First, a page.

A zen Florida man has racked up $130,000 in legal fees this year because of his unkempt lawn. The man, 32-year-old Sean Law, says he has a moral opposition to cleaning up his lawn and trimming the numerous crops he grows on site.
"My motive is to grow life and love," Law said. "It's a moral imperative that we grow food wherever we can, and that is what I am doing."
This philosophy, Law says, comes from late Japanese philosopher Masanobu Fukuoka. Fukuoka advocated for “Do-Nothing Farming” which calls for growing crops without any weeding, tilling, or pesticide use.
Surely Law is far from alone in his beliefs. The problem is the place he’s choosing to exercise them. Law doesn’t live on ten acres in a rural countryscape. He lives in Longwood, Florida -- a suburban town lined with cookie-cutter homes and freshly manicured lawns. His refusal to clean up his property is frustrating neighbors and law enforcement alike.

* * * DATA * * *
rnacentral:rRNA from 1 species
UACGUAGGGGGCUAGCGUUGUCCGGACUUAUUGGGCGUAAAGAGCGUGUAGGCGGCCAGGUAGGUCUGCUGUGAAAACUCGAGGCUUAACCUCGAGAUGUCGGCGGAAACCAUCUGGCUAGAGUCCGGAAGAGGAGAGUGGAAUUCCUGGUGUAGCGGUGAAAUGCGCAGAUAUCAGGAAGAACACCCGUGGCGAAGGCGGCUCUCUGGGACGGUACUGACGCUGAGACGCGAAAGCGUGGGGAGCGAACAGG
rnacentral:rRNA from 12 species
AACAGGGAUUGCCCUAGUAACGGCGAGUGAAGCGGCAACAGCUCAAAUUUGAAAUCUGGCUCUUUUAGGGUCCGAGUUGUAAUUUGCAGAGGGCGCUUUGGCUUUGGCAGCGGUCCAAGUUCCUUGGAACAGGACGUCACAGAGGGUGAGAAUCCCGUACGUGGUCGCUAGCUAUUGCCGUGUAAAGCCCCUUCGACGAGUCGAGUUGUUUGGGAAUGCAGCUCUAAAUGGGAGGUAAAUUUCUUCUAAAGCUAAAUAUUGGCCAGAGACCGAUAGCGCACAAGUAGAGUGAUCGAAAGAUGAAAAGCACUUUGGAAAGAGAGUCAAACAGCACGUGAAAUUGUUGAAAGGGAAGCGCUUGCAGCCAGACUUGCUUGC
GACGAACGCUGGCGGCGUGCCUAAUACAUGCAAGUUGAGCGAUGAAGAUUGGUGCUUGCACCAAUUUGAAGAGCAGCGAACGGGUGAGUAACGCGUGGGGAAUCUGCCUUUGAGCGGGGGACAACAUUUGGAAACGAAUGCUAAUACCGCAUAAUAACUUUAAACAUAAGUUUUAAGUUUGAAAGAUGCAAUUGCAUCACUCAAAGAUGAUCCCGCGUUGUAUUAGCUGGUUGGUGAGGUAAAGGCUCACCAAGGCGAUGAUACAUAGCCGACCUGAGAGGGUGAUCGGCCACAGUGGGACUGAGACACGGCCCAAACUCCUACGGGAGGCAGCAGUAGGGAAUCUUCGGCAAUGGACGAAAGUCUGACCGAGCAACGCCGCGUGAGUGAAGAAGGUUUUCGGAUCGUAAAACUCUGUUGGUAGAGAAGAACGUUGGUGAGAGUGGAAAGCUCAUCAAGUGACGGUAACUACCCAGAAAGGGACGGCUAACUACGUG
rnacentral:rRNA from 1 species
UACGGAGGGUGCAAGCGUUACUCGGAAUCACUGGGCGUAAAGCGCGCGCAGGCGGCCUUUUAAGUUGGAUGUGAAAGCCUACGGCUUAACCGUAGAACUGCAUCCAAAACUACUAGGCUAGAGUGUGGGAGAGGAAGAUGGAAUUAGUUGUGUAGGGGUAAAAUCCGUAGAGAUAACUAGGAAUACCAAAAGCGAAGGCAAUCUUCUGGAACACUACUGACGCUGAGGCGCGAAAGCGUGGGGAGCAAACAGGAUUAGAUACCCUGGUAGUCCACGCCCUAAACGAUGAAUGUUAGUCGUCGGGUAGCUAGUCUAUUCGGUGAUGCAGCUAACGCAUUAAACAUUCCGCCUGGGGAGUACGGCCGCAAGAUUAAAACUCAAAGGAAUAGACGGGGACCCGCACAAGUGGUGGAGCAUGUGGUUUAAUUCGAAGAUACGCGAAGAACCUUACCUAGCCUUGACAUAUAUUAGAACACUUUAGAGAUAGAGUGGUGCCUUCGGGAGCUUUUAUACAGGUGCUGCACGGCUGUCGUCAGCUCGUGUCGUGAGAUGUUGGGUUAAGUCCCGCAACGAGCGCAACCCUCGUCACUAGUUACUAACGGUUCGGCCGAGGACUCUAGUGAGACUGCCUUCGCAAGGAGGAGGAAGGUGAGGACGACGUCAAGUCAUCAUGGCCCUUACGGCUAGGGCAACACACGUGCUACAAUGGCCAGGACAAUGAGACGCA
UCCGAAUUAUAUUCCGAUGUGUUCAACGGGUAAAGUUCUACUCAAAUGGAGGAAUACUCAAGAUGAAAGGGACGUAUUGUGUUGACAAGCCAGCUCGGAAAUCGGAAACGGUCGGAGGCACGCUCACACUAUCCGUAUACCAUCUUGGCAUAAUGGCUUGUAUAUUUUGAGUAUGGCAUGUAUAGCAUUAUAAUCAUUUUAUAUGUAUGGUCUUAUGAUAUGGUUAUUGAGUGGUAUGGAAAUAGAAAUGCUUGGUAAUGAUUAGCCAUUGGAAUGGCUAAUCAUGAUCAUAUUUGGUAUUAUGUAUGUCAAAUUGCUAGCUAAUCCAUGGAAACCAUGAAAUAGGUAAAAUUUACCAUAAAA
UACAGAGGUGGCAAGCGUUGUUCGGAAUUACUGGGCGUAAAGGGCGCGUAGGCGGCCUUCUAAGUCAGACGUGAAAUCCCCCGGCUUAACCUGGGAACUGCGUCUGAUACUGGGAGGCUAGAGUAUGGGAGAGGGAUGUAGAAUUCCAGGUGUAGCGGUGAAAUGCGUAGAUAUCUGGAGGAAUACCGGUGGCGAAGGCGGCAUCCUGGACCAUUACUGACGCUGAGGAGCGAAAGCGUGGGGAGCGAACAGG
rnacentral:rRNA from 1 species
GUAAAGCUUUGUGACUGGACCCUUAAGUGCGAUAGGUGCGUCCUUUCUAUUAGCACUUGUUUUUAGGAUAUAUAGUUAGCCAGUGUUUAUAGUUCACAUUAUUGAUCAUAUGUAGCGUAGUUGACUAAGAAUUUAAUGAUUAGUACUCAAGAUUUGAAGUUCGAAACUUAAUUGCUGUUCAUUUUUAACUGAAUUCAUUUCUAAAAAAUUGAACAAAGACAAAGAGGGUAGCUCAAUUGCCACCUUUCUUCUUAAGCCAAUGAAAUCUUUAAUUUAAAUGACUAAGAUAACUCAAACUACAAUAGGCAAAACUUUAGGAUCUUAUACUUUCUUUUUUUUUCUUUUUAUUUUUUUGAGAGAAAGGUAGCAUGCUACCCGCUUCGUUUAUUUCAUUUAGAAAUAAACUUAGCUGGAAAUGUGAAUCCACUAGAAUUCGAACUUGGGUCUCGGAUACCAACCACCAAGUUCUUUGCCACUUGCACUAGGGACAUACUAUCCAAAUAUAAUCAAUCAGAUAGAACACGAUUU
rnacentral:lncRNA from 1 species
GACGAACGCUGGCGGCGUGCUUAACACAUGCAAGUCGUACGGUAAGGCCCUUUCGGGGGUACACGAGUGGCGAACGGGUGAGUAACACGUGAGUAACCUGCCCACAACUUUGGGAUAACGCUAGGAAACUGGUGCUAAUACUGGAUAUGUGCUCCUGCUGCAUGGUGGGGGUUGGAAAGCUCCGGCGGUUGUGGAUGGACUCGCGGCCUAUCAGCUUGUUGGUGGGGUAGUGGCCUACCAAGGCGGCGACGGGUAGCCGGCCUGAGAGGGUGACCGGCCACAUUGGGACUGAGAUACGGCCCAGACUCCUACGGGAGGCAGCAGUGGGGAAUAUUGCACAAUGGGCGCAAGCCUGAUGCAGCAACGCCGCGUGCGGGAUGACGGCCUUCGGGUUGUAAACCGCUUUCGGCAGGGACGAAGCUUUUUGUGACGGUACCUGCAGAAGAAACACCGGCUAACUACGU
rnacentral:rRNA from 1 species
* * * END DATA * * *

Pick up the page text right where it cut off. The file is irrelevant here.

"We're tired of it," said a neighbor living across the street from Law. "We've been dealing with it for two years.”
"It's just horrible," said Officer Kevin Tuck of the Longwood Police Department. "We've been dealing with him on this for years."
In September of 2012, a judge ordered Law to clean up his property. The judge ruled that not only is the property an eye-sore, but it drives down the property value of surrounding homes. Law responded to the ruling by saying that his plants aren’t overgrown and his grass isn’t too long -- his neighbor’s lawns are just too short.
Not surprisingly, Presiding Judge Amy Goodblatt didn’t buy this argument. She upheld her order and told Law he would face a $300 fine every day until he started cleaning up his yard. It’s been over a year and three months now, and Law hasn’t budged. Even in the face of $130,000 in fines, Law’s song remains the same.
"We have grown afraid of having life grow around us," he said. "It's blunt tyranny for a city to stop people from growing their own food."
Check out Law's homegrown farm in this video: